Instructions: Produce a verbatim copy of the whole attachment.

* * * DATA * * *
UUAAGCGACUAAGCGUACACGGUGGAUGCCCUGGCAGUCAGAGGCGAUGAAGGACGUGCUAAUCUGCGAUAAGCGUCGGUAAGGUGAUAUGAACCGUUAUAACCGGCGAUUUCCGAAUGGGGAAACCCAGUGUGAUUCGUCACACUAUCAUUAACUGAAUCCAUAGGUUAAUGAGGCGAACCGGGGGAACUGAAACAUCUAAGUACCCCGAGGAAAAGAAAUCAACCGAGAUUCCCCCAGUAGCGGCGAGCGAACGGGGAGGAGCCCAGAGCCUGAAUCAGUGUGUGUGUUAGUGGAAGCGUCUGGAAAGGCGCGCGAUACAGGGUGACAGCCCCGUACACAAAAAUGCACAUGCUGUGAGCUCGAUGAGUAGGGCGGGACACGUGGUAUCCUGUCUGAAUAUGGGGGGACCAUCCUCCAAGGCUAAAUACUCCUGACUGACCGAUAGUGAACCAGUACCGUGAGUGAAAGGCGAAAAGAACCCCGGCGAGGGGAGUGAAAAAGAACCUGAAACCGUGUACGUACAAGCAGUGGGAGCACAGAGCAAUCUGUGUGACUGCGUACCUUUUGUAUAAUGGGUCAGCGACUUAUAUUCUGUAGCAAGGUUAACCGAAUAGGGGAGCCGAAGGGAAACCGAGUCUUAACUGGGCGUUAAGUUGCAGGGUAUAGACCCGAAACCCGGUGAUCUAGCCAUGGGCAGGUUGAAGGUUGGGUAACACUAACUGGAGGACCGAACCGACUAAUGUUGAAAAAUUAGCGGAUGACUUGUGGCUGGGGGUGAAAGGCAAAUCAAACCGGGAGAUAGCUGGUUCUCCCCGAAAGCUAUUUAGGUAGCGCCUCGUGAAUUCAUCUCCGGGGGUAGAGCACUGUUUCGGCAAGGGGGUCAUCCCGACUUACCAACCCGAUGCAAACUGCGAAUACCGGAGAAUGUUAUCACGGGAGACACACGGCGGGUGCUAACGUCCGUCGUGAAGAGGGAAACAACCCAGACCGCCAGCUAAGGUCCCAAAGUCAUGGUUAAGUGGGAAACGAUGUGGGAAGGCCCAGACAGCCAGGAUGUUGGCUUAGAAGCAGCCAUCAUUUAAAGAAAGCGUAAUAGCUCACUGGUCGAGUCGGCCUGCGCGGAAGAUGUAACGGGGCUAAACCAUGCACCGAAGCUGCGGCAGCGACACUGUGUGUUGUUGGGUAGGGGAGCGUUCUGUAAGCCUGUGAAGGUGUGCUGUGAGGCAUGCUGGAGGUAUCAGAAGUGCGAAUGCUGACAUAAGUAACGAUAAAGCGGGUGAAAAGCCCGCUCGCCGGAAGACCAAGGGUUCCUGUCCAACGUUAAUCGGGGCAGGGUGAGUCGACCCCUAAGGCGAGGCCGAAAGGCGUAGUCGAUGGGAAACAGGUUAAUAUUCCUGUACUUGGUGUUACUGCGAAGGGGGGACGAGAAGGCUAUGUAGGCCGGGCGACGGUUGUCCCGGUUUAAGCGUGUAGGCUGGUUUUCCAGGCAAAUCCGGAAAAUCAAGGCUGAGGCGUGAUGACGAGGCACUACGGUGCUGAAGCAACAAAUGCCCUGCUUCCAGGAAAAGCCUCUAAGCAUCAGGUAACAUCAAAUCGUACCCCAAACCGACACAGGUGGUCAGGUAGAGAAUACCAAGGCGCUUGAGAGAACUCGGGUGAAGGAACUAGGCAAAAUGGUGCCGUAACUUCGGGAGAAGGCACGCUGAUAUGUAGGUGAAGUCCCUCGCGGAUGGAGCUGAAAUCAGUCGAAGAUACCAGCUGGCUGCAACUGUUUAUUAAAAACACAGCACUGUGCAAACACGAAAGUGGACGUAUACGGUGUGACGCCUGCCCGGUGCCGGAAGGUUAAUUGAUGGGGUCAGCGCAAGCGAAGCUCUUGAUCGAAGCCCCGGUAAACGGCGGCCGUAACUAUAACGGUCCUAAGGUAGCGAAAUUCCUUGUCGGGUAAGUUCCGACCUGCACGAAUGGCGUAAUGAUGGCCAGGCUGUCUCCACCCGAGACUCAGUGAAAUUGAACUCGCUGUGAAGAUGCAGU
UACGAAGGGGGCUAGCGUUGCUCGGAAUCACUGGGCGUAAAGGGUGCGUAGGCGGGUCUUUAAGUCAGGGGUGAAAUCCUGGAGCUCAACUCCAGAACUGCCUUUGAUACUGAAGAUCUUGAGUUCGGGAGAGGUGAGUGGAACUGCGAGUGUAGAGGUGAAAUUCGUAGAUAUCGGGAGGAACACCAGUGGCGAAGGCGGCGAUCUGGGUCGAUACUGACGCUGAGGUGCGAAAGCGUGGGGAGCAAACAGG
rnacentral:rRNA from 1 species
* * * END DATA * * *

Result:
UUAAGCGACUAAGCGUACACGGUGGAUGCCCUGGCAGUCAGAGGCGAUGAAGGACGUGCUAAUCUGCGAUAAGCGUCGGUAAGGUGAUAUGAACCGUUAUAACCGGCGAUUUCCGAAUGGGGAAACCCAGUGUGAUUCGUCACACUAUCAUUAACUGAAUCCAUAGGUUAAUGAGGCGAACCGGGGGAACUGAAACAUCUAAGUACCCCGAGGAAAAGAAAUCAACCGAGAUUCCCCCAGUAGCGGCGAGCGAACGGGGAGGAGCCCAGAGCCUGAAUCAGUGUGUGUGUUAGUGGAAGCGUCUGGAAAGGCGCGCGAUACAGGGUGACAGCCCCGUACACAAAAAUGCACAUGCUGUGAGCUCGAUGAGUAGGGCGGGACACGUGGUAUCCUGUCUGAAUAUGGGGGGACCAUCCUCCAAGGCUAAAUACUCCUGACUGACCGAUAGUGAACCAGUACCGUGAGUGAAAGGCGAAAAGAACCCCGGCGAGGGGAGUGAAAAAGAACCUGAAACCGUGUACGUACAAGCAGUGGGAGCACAGAGCAAUCUGUGUGACUGCGUACCUUUUGUAUAAUGGGUCAGCGACUUAUAUUCUGUAGCAAGGUUAACCGAAUAGGGGAGCCGAAGGGAAACCGAGUCUUAACUGGGCGUUAAGUUGCAGGGUAUAGACCCGAAACCCGGUGAUCUAGCCAUGGGCAGGUUGAAGGUUGGGUAACACUAACUGGAGGACCGAACCGACUAAUGUUGAAAAAUUAGCGGAUGACUUGUGGCUGGGGGUGAAAGGCAAAUCAAACCGGGAGAUAGCUGGUUCUCCCCGAAAGCUAUUUAGGUAGCGCCUCGUGAAUUCAUCUCCGGGGGUAGAGCACUGUUUCGGCAAGGGGGUCAUCCCGACUUACCAACCCGAUGCAAACUGCGAAUACCGGAGAAUGUUAUCACGGGAGACACACGGCGGGUGCUAACGUCCGUCGUGAAGAGGGAAACAACCCAGACCGCCAGCUAAGGUCCCAAAGUCAUGGUUAAGUGGGAAACGAUGUGGGAAGGCCCAGACAGCCAGGAUGUUGGCUUAGAAGCAGCCAUCAUUUAAAGAAAGCGUAAUAGCUCACUGGUCGAGUCGGCCUGCGCGGAAGAUGUAACGGGGCUAAACCAUGCACCGAAGCUGCGGCAGCGACACUGUGUGUUGUUGGGUAGGGGAGCGUUCUGUAAGCCUGUGAAGGUGUGCUGUGAGGCAUGCUGGAGGUAUCAGAAGUGCGAAUGCUGACAUAAGUAACGAUAAAGCGGGUGAAAAGCCCGCUCGCCGGAAGACCAAGGGUUCCUGUCCAACGUUAAUCGGGGCAGGGUGAGUCGACCCCUAAGGCGAGGCCGAAAGGCGUAGUCGAUGGGAAACAGGUUAAUAUUCCUGUACUUGGUGUUACUGCGAAGGGGGGACGAGAAGGCUAUGUAGGCCGGGCGACGGUUGUCCCGGUUUAAGCGUGUAGGCUGGUUUUCCAGGCAAAUCCGGAAAAUCAAGGCUGAGGCGUGAUGACGAGGCACUACGGUGCUGAAGCAACAAAUGCCCUGCUUCCAGGAAAAGCCUCUAAGCAUCAGGUAACAUCAAAUCGUACCCCAAACCGACACAGGUGGUCAGGUAGAGAAUACCAAGGCGCUUGAGAGAACUCGGGUGAAGGAACUAGGCAAAAUGGUGCCGUAACUUCGGGAGAAGGCACGCUGAUAUGUAGGUGAAGUCCCUCGCGGAUGGAGCUGAAAUCAGUCGAAGAUACCAGCUGGCUGCAACUGUUUAUUAAAAACACAGCACUGUGCAAACACGAAAGUGGACGUAUACGGUGUGACGCCUGCCCGGUGCCGGAAGGUUAAUUGAUGGGGUCAGCGCAAGCGAAGCUCUUGAUCGAAGCCCCGGUAAACGGCGGCCGUAACUAUAACGGUCCUAAGGUAGCGAAAUUCCUUGUCGGGUAAGUUCCGACCUGCACGAAUGGCGUAAUGAUGGCCAGGCUGUCUCCACCCGAGACUCAGUGAAAUUGAACUCGCUGUGAAGAUGCAGU
UACGAAGGGGGCUAGCGUUGCUCGGAAUCACUGGGCGUAAAGGGUGCGUAGGCGGGUCUUUAAGUCAGGGGUGAAAUCCUGGAGCUCAACUCCAGAACUGCCUUUGAUACUGAAGAUCUUGAGUUCGGGAGAGGUGAGUGGAACUGCGAGUGUAGAGGUGAAAUUCGUAGAUAUCGGGAGGAACACCAGUGGCGAAGGCGGCGAUCUGGGUCGAUACUGACGCUGAGGUGCGAAAGCGUGGGGAGCAAACAGG
rnacentral:rRNA from 1 species